Link between high wages and economic growth

The T&T is running a story today quoting Francis McGuire as saying New Brunswice wages will need to increase by as much as 20%:

Businesses are fooling themselves if they think lower housing prices, friendly folk and scenic beaches are enough to attract people to the province, said Francis McGuire, a former deputy minister under premier Frank McKenna. In the end, it all comes down to money he said. “I go to Toronto and say ‘would you like to come to New Brunswick?’ and most real New Brunswickers say ‘I worked all my life to get out of there, I don’t want to go back,'” he said.”That’s what most of the kids are saying and if you don’t offer them as much money and as good as a career, they will not come. That’s the bottom line.” That means New Brunswick businesses will need to increase their wages as much as 20 per cent to meet the national average.

Francis would be well advised to consider other models of successful rehabilitation of underperforming economies – Ireland, certain southern US states, etc. In all of those cases, higher wages were a consequence of strong economic growth and not a precursor to it.

Wage rates are set by market conditions. New Brunswick’s economy has underperformed for decades and hence wage rate increases have underperformed.

A strong economic growth strategy focused on making New Brunswick a world leader in a few key economic sectors will be the force required to slowly increase wage rates. This will lead to incremental wage increases across industry.

Why is it that the government sector in New Brunswick has the highest wage premium over the private sector among all 10 provinces in Canada (according to a study I read in 2004)? Because, in that case, there is limited market mechanisms to set wage rates.

Stating that higher wages are needed to bring the province to self-sufficiency is accurate. Stating that local industries will have to become more productive and pay higher wages over time is correct. But introducing this as some kind of precursor to growth is extremely problematic.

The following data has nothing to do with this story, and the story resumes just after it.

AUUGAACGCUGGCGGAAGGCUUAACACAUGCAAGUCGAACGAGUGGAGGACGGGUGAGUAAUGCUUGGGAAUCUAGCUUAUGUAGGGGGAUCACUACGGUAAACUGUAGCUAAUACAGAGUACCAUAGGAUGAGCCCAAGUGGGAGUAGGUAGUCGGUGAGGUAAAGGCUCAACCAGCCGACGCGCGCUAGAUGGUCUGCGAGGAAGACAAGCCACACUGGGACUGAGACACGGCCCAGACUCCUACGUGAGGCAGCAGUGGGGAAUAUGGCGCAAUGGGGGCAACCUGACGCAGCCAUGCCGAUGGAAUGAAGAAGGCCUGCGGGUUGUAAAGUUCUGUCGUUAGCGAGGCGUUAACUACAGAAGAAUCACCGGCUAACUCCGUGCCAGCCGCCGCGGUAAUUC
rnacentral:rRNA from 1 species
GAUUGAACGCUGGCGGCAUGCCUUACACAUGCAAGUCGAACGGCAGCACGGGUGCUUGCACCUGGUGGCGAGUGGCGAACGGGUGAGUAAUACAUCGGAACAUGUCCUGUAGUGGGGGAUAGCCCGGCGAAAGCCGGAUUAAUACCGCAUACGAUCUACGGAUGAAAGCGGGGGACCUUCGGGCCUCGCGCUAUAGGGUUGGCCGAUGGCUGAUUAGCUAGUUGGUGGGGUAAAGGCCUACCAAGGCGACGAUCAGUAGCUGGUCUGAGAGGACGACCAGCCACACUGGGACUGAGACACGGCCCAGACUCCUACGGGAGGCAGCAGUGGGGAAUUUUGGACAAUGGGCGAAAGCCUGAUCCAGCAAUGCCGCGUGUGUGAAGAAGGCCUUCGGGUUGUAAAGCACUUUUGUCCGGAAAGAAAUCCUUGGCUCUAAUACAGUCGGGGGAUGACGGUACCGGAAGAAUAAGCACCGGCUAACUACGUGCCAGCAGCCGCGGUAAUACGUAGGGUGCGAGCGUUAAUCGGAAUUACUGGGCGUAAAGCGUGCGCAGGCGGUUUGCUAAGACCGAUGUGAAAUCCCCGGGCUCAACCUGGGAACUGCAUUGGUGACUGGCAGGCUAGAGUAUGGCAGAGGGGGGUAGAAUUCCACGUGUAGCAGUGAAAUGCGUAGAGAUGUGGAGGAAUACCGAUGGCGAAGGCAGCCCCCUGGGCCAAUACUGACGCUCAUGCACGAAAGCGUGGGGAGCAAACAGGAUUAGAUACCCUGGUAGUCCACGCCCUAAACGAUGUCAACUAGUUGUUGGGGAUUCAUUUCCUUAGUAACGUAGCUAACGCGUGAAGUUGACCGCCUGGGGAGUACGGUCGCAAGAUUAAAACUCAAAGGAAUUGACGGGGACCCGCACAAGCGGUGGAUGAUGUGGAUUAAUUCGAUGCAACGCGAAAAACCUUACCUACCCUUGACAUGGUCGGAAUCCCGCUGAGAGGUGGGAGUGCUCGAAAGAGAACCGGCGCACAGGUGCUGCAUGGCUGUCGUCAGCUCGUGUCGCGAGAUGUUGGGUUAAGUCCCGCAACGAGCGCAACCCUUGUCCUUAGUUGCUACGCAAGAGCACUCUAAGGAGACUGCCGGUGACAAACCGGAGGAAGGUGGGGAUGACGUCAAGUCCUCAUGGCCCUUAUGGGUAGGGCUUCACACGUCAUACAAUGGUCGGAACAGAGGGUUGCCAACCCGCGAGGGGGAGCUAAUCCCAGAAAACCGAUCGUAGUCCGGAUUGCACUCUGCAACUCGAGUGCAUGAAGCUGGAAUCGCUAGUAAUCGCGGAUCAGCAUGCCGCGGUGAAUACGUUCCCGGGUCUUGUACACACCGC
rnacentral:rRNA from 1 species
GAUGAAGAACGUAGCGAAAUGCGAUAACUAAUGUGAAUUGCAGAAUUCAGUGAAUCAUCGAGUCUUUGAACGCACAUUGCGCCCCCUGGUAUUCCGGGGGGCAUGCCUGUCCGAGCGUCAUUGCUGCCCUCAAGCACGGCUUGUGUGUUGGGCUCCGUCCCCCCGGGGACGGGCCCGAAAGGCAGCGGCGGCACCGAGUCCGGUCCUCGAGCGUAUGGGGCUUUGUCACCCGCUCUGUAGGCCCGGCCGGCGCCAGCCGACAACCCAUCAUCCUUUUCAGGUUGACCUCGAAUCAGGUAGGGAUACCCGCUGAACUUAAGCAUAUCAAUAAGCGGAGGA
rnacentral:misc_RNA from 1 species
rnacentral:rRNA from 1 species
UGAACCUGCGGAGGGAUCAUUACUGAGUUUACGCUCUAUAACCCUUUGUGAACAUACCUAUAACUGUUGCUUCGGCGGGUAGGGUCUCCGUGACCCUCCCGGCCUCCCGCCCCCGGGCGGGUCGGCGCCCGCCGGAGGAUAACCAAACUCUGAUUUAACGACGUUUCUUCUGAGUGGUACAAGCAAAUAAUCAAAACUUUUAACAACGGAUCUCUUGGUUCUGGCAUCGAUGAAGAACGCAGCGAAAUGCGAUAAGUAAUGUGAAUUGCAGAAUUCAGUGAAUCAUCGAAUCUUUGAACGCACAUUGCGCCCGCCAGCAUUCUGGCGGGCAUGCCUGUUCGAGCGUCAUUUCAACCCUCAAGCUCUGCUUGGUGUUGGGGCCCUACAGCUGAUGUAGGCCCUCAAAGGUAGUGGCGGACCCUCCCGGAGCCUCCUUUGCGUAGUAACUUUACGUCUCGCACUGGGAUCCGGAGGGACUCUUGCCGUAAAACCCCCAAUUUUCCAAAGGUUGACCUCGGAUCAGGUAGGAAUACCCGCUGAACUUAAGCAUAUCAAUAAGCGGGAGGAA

There is still something like 50% or more of the non-local economic activity (not including retail, construction and other economic activity designed just to serve the local economy) that is offshoreable (call centres, much of our manufacturing, etc.). If we push for arbitrary and quick wage inflation, you could lose thousands of jobs.

I had this debate the other day with some extremely bright folks. We have dozens of small to medium sized manufacturers still paying between $8.50 and $10/hour for their production workers. If we force higher wages (by not addressing their increasing labour shortages or other action/non-action), we stand to lose those jobs – in the hundreds and thousands.

While, philosophically, we can debate the merits of a $9/hour job – and even the social benefit of such jobs (i.e. at that level, they don’t really pay taxes), I think a wide scale exodus of jobs without any backup plan would only grease the pole on which New Brunswick is already sliding towards decline.

I think we need to look seriously at immigrant and foreign student workforce solutions for specific needs in the local labour market. I think we need to target a few highly strategic sectors that are not as wage dependent such as animation, data centres, e-Learning, etc. and make New Brunswick a magnet for both companies, expatriates and just straight relocators.

As for Francis’ comment “I go to Toronto and say ‘would you like to come to New Brunswick?’ and most real New Brunswickers say ‘I worked all my life to get out of there, I don’t want to go back”,

I suggest he widen his scope of expatriates. When RIM announced they were setting up in Halifax, some 70 people stepped up and said they wanted to move there. That was just internal to their company. RIM is convinced they will attract workers from all over Canada to their Halifax centre. And I agree.

For those who ‘worked all my life to get out of there’, I say stay out. Enjoy your 2 hour commutes or $8 buck big macs (Fort McMoney). But I believe there are thousands of expatriates and other Canadians who would gladly move here for the right opportunity.

There are three in my office (out of nine).